In the midst of controversy surrounding CEO Emad Mostaque and key executives departing due to copyright concerns, Stability AI, renowned for its Stable Diffusion, is reportedly exploring the possibility of a sale, casting a shadow over its future.
Bloomberg’s Wednesday report suggests that Coatue Management, a US-based technology investment company, fired off a letter to Stability AI in October, seeking comprehensive details on executive compensations, notably scrutinizing Mostaque’s leadership, which allegedly triggered the departure of senior managers.
As the storm brews around Stability AI, potential suitors for ownership remain elusive. However, emerging speculations point to AI marketing tool developer Jasper and Canadian AI innovator Cohere as prospective buyers, as disclosed by data analytics site PYMNTS.
Despite Decrypt’s attempts to solicit a response from Stability AI, the company has maintained silence on the matter.
Stable Diffusion and Controversies
Stable Diffusion, introduced in August 2022, employs generative AI to craft images based on user prompts. At its launch, Coatue valued Stability AI at a notable $1 billion. Much like its counterparts Midjourney and Dall-E, Stable Diffusion has courted controversy due to its association with AI-generated deepfakes, including those depicting world leaders and events.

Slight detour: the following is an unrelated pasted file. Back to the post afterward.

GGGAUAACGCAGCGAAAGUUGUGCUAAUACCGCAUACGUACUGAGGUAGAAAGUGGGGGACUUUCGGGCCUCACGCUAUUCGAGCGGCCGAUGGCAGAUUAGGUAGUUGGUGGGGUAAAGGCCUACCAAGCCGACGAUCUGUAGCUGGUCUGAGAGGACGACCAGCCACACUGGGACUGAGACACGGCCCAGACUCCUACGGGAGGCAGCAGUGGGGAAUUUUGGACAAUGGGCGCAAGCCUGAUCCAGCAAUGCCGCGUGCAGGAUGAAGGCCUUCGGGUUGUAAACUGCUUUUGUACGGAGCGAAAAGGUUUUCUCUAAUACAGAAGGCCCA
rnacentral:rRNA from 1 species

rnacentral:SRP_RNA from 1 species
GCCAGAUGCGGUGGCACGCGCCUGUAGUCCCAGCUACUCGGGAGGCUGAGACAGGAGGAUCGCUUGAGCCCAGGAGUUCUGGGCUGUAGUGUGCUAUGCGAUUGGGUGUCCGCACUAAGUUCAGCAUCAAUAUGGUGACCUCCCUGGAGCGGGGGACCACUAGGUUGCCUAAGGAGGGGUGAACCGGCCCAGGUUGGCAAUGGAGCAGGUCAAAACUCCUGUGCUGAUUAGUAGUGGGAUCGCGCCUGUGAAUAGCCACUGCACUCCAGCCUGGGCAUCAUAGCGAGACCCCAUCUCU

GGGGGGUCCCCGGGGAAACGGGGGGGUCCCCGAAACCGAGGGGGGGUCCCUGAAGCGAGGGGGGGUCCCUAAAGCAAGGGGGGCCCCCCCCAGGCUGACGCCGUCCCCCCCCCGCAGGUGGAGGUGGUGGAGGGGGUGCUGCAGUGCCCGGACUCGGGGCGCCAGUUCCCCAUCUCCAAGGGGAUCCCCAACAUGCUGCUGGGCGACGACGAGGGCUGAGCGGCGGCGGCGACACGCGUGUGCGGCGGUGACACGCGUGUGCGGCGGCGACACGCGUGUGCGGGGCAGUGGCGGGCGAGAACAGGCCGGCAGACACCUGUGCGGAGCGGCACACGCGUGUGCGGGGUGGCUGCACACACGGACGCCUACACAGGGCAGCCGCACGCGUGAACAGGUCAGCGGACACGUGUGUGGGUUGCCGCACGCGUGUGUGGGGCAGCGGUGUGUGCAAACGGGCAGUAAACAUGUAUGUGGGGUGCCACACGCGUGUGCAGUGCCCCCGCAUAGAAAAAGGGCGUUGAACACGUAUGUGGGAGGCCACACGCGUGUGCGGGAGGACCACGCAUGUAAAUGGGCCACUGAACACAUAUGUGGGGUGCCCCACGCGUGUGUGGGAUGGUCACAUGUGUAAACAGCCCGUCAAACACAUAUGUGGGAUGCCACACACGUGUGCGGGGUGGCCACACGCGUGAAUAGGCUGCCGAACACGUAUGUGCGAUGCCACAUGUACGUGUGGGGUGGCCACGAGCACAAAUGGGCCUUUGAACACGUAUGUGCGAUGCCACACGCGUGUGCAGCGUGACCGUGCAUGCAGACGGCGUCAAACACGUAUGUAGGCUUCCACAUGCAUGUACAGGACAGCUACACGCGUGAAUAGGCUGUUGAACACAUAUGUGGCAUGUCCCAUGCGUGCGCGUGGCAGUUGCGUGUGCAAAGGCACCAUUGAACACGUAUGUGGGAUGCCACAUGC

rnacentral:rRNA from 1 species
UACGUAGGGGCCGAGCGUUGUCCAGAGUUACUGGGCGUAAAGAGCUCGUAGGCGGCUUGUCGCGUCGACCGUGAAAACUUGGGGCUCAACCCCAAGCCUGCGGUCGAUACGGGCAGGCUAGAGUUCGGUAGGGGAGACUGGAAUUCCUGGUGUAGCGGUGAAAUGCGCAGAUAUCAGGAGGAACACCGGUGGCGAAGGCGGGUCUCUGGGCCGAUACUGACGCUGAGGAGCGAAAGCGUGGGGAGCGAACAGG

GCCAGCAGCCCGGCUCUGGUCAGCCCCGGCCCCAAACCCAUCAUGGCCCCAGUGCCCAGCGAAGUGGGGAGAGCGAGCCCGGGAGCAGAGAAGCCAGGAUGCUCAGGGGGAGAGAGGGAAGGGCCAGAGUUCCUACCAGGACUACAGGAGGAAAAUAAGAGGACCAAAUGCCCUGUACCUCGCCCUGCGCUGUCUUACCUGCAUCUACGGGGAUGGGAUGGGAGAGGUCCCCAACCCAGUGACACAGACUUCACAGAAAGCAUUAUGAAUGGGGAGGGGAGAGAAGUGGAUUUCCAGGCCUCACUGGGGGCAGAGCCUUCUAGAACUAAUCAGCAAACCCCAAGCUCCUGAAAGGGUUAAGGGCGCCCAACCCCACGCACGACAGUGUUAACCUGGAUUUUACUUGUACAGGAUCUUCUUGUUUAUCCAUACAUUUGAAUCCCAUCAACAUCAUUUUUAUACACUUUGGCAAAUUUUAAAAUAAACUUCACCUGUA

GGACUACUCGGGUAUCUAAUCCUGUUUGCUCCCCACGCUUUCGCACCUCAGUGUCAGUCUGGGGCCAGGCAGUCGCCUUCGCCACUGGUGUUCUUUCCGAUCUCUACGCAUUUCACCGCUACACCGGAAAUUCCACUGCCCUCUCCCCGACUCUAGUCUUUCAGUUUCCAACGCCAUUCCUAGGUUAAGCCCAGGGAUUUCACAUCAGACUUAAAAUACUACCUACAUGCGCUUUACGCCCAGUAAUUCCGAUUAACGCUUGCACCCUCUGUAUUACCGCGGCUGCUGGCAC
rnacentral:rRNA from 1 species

In a surprising turn of events, Stability AI, along with Cohere, aligned itself with the Biden Administration’s commitment to responsible AI development in September. The company further participated in the UK Safety Summit at Bletchley Park in November, where a global declaration was made to regulate unbridled AI development. However, despite these pledges, internal conflicts regarding fair use have plagued Stability AI.
Executive Exodus Over Copyright Practices
The resignation of Stability’s VP of Audio, Ed Newton-Rex, marked a critical juncture in the company’s tumultuous journey. Newton-Rex publicly disapproved of Stability AI’s stance on training AI models with copyrighted material, a practice he deemed incompatible with the notion of “fair use.”
In a Twitter announcement, Newton-Rex expressed his disagreement with Stability’s position, emphasizing that his decision to resign aimed to shed light on a pervasive industry-wide issue. He highlighted Stability AI’s submission to the U.S. Copyright Office, portraying generative AI as a “transformative and socially beneficial use” of existing copyrighted content, protected by fair use.
Newton-Rex’s departure underscores a broader industry predicament, with numerous generative AI companies adopting a similar approach. Stability AI finds itself at the intersection of ethical considerations and industry norms, grappling with the repercussions of its practices amid the broader conversation about the responsible use of AI technology.